image by flickr user guillaume lemoine, cc license
Consider this scenario: a student receives a Pell Grant for his or her freshman year of college. That student proceeds to do well in school, with at least a 3.0 GPA. However, when it comes time to file the FAFSA (necessary for accessing another year of Pell Grant funds) during their freshman year, the student skips the process.
Seems strange, right? That’s what some researchers think, too.
In a working paper discussed in the Chronicle of Higher Education, two researchers investigated why some students don’t file. In fact, 18.5% of Pell Grant recepients don’t reapply for financial aid or full out the FAFSA. Nearly half of those students don’t return to college in the fall. However, even if we were to table research on the nonreturning students, it seems baffling that students who benefitted from filling out the FAFSA would choose not to do so before returning to school for their sophomore year.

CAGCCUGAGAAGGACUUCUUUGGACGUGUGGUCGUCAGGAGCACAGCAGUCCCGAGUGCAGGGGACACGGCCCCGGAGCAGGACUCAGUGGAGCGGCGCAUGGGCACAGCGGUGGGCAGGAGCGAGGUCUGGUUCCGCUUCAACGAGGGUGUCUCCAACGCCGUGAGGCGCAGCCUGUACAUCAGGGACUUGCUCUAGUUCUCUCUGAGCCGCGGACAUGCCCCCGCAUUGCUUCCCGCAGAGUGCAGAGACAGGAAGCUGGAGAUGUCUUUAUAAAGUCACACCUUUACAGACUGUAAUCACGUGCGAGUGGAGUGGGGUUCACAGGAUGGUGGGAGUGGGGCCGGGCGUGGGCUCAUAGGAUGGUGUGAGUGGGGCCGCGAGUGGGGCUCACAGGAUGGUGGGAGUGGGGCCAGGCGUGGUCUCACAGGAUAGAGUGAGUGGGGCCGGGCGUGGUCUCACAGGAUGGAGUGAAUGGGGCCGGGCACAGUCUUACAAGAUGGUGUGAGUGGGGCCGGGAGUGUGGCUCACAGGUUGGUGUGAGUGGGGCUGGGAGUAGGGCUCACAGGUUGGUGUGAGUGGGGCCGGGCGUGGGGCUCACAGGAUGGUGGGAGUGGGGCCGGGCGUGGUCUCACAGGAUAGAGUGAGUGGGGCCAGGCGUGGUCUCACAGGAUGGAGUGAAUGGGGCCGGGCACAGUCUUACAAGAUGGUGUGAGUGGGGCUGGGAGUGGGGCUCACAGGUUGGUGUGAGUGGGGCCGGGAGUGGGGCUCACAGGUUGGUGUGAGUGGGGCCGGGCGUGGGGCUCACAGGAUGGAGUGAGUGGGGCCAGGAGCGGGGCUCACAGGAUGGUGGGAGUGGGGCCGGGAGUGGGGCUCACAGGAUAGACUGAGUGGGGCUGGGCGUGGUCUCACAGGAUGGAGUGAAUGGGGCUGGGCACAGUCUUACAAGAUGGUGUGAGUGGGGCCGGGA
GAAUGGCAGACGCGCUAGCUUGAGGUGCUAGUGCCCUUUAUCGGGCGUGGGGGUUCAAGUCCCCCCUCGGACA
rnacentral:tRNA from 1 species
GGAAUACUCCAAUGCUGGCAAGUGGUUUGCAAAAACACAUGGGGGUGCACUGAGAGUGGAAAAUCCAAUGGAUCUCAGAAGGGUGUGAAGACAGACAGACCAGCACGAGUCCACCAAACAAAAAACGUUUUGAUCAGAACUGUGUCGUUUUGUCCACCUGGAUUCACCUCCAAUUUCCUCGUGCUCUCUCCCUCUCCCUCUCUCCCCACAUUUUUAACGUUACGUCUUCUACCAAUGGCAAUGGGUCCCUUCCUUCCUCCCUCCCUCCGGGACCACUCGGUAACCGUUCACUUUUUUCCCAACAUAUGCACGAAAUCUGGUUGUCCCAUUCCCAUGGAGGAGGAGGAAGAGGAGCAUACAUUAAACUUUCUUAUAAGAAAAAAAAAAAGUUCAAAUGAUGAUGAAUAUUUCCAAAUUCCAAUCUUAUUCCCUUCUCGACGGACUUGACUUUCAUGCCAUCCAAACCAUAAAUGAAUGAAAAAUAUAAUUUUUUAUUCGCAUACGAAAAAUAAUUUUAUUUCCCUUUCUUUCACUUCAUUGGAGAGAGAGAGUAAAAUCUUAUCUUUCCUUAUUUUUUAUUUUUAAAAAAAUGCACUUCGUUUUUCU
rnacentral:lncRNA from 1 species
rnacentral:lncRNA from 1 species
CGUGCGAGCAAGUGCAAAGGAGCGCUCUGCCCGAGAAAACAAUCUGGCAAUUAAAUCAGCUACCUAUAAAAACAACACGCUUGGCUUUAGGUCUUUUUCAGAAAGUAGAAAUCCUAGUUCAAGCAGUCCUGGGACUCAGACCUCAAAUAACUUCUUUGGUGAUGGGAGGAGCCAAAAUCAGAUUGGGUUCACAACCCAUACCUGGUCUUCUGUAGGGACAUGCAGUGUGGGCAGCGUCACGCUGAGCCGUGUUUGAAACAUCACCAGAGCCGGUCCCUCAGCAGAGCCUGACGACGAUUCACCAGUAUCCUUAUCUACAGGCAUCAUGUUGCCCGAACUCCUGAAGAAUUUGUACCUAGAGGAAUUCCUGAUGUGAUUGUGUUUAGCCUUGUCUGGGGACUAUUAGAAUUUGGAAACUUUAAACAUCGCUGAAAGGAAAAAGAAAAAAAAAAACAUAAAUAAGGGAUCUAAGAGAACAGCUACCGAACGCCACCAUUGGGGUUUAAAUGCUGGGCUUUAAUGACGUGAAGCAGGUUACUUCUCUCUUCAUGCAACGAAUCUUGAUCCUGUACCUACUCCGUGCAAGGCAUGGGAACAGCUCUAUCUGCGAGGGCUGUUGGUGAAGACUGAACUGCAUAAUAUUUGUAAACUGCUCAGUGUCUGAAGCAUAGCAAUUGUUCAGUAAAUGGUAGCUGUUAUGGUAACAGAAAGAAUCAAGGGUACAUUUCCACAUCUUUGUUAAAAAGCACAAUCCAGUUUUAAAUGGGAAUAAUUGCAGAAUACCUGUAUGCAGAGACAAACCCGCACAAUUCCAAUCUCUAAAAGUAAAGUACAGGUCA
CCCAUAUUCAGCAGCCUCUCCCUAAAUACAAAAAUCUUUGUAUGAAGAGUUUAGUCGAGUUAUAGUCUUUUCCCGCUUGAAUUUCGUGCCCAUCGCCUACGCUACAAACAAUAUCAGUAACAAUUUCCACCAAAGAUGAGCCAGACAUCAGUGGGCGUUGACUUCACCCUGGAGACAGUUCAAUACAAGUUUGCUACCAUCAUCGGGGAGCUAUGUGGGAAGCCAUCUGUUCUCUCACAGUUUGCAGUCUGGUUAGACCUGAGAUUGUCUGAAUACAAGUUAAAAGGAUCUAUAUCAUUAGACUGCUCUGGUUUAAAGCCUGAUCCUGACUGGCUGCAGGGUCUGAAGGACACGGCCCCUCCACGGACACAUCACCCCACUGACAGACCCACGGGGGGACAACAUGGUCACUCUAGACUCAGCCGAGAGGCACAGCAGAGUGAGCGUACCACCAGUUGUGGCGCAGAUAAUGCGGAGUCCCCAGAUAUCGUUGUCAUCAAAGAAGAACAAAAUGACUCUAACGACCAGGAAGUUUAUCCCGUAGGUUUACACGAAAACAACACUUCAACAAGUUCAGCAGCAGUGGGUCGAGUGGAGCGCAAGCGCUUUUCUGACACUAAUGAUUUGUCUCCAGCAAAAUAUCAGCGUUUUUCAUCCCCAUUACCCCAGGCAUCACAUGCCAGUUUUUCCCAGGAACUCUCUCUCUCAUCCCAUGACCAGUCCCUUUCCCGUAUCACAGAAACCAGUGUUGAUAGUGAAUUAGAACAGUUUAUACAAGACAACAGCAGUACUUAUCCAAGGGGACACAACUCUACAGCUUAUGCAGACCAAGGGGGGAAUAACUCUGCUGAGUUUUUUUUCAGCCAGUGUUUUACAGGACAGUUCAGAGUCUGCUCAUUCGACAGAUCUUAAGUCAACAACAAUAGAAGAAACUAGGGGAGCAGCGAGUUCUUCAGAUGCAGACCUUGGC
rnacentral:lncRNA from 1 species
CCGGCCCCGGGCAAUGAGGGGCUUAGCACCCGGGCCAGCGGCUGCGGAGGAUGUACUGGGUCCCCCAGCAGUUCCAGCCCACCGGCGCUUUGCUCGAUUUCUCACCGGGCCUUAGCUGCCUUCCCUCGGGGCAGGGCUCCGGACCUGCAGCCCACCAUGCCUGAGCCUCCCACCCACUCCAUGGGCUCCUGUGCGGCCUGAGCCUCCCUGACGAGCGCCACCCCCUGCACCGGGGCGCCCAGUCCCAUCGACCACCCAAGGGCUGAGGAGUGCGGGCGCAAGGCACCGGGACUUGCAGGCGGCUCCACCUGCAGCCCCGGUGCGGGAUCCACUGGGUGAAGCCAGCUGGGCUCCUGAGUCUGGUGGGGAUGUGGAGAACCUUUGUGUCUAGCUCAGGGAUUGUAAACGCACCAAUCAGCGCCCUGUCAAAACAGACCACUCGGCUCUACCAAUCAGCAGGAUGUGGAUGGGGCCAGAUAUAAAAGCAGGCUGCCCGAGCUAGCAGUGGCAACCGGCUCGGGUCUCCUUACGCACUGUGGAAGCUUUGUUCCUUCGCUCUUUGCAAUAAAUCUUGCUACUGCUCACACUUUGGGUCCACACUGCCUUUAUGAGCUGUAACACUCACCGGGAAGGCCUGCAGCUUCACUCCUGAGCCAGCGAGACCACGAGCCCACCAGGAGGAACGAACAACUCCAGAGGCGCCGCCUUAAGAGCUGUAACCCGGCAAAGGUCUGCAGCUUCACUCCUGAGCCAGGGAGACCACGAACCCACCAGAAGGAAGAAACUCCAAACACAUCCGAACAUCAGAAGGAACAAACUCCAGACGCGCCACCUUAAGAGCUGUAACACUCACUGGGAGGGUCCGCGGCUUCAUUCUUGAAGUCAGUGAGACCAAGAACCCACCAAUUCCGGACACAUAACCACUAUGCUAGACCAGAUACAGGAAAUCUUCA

The evidence is still being gathered on what exactly is happening in these scenarios, as is the nature of the relationship is between choosing to not file for aid and dropping out. It does seem that choosing not to refile is a correlative factor in student failure to persist to a degree; one conclusion of the report is that those non-re-filing students who return to school for a sophomore year are significantly less likely than re-filing students are to persist to their junion year.
This will likely be an area of continued research, as the researchers will want to better discern the relationship of these student actions. In addition, the Chronicle of Higher Education suggests that some of the research on this topic is likely to be focused on how to remind and convince students to reapply for financial aid.